Level Up 5th Edition adds additional complexity to Dungeons & Dragons 5th edition

Wizards of the Coast released Dungeons & Dragons 5th Edition in 2014, reducing much of the complexity of previous versions of the tabletop role-playing game to make it more accessible to new players. But eight years later, even the game’s most dedicated fans have begun to grow a little bored with the system.

“We’re all massive, massive, massive D&D fans,” said Russ Morrissey, owner of the TTRPG news site EN World and CEO of EN Publishing. “He just got to a stage where we would like there to be a little more depth, if there was just a little more to look forward to when you level up your fighter. We found that to happen in every aspect of the game. We felt that if we felt like that, there must be other people who felt the same way.

This intuition led to the development of Level Up: Advanced 5th Edition, a series of rulebooks that are backwards compatible with modern D&D, but can also be played as a standalone game system. They include the core rulebook titled Level Up: Adventurer’s Guide, Level Up: Monstrous Menagerie filled with new and improved baddies to fight, and Level Up: Trials and Treasurescorollary of the system to the Dungeon Master‘s Guide. Together they add complexity to nearly every aspect of the game, both modifying existing 5E systems and bringing back elements from previous editions, such as combat maneuvers first introduced in 3.5. Tome of Battle: The Book of Nine Swords.

“When you enter a fight, the wizard selects from a list of spells and has something fun to choose from every turn, whereas often the fighter just says ‘Oh, I’ll move and strike,'” said said Morrissey. “A fighter is deliberately designed to be simple, the easiest class to get into. But after playing a fighter for seven years, you’re like, ‘It would be nice if I had a few choices like the wizard.’ combat are the martial equivalent of spells, where you can do a whole bunch of different things, just to spice up the fight and make sure you’re doing something different every turn. There’s a bit of resource management there- in. We’ve generally found this to make combat more fun.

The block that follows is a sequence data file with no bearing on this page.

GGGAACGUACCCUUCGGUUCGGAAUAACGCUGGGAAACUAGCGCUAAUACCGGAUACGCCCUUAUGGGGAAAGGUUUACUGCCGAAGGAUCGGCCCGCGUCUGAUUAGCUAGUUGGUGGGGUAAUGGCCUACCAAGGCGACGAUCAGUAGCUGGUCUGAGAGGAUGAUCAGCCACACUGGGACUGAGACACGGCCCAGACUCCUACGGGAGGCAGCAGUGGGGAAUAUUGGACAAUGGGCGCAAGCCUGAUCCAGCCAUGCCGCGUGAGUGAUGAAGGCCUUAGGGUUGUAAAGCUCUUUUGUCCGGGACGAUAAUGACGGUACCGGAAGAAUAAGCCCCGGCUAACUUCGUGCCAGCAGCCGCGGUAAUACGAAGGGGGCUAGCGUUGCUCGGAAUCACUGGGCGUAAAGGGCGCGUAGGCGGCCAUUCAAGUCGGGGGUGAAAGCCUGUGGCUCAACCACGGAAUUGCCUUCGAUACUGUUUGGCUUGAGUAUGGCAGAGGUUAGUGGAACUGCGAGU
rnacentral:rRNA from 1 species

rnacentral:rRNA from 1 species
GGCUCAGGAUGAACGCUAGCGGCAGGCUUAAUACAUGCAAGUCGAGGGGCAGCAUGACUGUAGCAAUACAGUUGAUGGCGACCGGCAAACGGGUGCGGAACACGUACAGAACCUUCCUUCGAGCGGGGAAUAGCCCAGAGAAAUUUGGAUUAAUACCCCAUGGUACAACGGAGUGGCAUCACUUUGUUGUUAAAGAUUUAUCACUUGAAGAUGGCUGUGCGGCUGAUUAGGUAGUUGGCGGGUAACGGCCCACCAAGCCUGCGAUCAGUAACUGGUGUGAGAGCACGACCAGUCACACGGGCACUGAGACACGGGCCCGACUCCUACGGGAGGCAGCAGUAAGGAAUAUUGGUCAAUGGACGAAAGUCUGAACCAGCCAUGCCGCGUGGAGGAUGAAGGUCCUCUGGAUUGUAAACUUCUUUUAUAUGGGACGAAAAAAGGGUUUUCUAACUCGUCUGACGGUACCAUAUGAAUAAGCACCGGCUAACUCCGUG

Higher level also borrows aspects of 4th edition D&D – namely, the ability for tough characters to mark enemies as a way to protect their allies. It combines aspects of the 3.5 Marshall and 4E Warlord to create a new Marshall class. Level Up resurrects the “bloody” state of 4E, which gave monsters new abilities when reduced to half their total hit points. Holding author’s blog Paul Hughes wrote Level Up: Monstrous Menageriewhich provides new rules for every non-copyrighted creature in 5th edition Monster Manual. It has become the top seller of the three core Level Up books because it offers dungeon masters an easy way to spice up their games.

“We hope that people will completely embrace our game just because we’re very proud of it and think it’s very good, but we’re also very, very happy when people take pieces of it and use it in their 5E games,” Morrissey said.

To balance all the new rules, EN Publishing gathered tens of thousands of testers over the course of a year and solicited feedback via polls. Player feedback also helped the creators come up with some of the character options, including rules for playing as a vampire or a vengeful revenant. Higher level also combines aspects of the 3.5 and 4E prestige classes to provide multiclass feats to provide new options for customizing higher level characters. A fighter/sorcerer can become an eldritch archer, shooting magic arrows imbued with energy; a cleric/sorcerer can combine his spellcasting talents.

Image: EN World Publishing

The new rules also greatly expand the social and exploration pillars of D&D, which have traditionally been underdeveloped compared to combat. Classes have access to more skills and the ability to use them with their main attributes so that their checks remain competitive as they level up.